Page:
My Kid Didn’t Get A Trophy & It Was The Best Thing That Happened All Season

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Happy girls holding trophies.This year, at the end of the year dance recital, my kid didn’t get a trophy.  In fact, only 3 kids got them.  Out of 130.  And those three kids were super deserving.  And so was my kid.  But she didn’t get honored. Because this just wasn’t her year.

And you know what?  I’m glad she didn’t get one.

Too often, our kids think they need to be rewarded for participating.  I see it in the classroom all the time – I came, I turned in my assignments, I should at least get a B.  Yeah, in case you didn’t know, “B” is the new “C”.  And for all of you parents of teens – it’s not preparing your kids for college.  Where you have to pay for classes.  And the professors don’t care if your kid “tried hard” or “cared at the end” or “is capable”.  If they don’t show up and perform to a certain standard, they fail.  And if you want credit for the class, you will pay for them to take it.  Again.  No refunds.

But I digress.  A little.

Sometimes, you just have to work hard.  And play.  The point of the experience of the soccer, basketball, football, etc, team is to, well, learn to be on a team.  To be a part of something.  To work, collectively, for a goal, using all of the gifts and talents of the people around you.  In my community, there is a youth soccer program that doesn’t keep score, doesn’t have ‘losers’ and at the end of the year banquet, every kid gets a trophy.  Because every kid is a winner, you know.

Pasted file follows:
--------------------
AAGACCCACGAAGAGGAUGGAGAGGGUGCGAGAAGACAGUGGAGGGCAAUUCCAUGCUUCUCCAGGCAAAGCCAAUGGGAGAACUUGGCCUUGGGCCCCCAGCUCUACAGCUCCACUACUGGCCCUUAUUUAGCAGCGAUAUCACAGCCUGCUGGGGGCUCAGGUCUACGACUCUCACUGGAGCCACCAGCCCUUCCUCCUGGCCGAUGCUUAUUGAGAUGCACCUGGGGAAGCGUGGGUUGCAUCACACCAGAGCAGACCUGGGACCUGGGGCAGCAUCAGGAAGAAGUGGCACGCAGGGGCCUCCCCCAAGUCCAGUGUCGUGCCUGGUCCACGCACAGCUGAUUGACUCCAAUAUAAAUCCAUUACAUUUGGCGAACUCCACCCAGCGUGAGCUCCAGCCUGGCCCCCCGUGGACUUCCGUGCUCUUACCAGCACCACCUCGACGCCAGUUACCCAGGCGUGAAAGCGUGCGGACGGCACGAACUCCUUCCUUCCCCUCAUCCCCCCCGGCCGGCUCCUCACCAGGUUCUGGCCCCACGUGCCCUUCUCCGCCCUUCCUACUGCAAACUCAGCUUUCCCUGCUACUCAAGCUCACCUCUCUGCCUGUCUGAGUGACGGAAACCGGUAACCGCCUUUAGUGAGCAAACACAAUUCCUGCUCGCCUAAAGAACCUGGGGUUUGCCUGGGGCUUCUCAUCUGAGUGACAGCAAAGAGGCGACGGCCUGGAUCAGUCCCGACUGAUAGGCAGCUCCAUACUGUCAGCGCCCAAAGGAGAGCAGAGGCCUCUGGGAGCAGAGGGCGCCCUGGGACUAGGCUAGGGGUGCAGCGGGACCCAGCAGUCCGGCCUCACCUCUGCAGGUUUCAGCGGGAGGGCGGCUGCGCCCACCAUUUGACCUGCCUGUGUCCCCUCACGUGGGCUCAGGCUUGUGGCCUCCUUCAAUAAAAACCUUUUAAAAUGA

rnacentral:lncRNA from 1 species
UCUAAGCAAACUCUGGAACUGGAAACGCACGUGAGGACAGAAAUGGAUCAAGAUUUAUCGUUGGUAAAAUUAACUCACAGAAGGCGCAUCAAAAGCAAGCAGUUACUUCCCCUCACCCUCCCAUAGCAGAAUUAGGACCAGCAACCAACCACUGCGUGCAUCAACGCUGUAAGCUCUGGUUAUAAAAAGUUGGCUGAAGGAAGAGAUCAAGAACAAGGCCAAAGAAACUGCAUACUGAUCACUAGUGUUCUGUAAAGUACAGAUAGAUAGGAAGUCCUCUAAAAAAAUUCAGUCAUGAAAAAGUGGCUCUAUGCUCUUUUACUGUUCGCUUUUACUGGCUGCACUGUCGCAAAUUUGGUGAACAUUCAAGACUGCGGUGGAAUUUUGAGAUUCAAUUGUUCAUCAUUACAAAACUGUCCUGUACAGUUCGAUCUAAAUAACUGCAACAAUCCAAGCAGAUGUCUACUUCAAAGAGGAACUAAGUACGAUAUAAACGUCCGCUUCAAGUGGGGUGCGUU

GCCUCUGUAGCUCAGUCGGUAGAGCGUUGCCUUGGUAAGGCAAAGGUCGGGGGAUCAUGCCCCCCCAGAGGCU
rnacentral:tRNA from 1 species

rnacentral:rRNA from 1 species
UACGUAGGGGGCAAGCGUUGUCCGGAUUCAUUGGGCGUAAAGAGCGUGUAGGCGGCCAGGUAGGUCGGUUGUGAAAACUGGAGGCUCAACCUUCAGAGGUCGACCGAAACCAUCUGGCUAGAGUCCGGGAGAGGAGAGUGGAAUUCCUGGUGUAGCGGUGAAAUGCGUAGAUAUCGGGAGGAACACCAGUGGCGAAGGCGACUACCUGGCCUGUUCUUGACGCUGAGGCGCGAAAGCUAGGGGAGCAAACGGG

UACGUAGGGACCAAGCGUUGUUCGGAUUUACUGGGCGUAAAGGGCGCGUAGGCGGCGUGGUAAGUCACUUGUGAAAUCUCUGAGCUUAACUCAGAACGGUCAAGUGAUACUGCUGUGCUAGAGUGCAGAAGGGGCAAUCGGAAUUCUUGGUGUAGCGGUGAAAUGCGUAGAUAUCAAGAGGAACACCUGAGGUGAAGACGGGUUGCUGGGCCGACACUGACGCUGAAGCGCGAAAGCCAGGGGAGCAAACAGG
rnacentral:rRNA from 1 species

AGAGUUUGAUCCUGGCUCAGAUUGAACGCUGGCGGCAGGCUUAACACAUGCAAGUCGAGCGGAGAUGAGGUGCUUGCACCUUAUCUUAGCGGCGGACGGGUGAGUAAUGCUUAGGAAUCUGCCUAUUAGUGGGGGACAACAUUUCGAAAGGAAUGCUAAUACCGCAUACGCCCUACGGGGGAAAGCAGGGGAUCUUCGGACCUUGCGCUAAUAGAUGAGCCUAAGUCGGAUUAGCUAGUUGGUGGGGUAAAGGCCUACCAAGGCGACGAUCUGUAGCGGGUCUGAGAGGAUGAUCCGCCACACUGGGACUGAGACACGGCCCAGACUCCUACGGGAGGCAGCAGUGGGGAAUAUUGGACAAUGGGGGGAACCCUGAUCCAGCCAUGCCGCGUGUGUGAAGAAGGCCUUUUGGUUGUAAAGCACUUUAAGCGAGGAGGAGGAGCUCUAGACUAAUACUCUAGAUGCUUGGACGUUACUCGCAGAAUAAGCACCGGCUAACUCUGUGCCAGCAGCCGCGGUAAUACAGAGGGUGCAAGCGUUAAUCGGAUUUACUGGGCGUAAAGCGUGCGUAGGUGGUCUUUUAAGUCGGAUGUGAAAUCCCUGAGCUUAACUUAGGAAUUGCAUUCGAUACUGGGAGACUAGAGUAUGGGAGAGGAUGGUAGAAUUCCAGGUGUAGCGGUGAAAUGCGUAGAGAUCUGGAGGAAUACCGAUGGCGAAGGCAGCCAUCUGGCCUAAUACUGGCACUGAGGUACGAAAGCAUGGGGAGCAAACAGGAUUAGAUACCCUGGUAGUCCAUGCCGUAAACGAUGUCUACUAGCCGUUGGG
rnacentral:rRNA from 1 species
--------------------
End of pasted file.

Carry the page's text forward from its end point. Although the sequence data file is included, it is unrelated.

I think what disturbs me more than the everyone gets a trophy mentality is the attitude of the other kids and parents when their kids are not recognized.  Last year, my daughter received an award at the end of the year recital.  Another kid in her class snatched it out of her hands backstage and said I should have gotten one, too!  This kid’s mother also decided not to have her kid dance this year because her kid didn’t get any sort of recognition.  They were four.  What are we teaching them at such a young age?  Too often, kids are taught that life is a competition and they should see themselves as being better than the other kids on their team, in the class, on the field, on the stage instead of accepting the gifts and talents that they have and it is the collective use of these talents that wins – not the talents of the individual.

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lk herndon is a mother, writer, teacher whose debut children’s book, “Petunia”, has just been released on Amazon.

Shaped by her experiences growing up Southern, lk herndon tells sweet and simple stories. She earned her BA in Political Science, her MFA in Creative Non-Fiction and has spent more than a decade teaching high school subjects such as: AP Language and American Literature, Honors World Literature, World History, and American History.

While her days are spent in the classroom, the balance of time is spent as Mama to her Monogram Mafia (alongside her very favorite partner-in-chaos, former high school sweetheart and now husband of nearly seven years, BJ). Sneaking in time to write between the snuggles and squeals, lk herndon graces the world with a sneak peek into real life adventures sprinkled with overgrown imaginations and uncommon sense.

Follow her blog lkherndon.com

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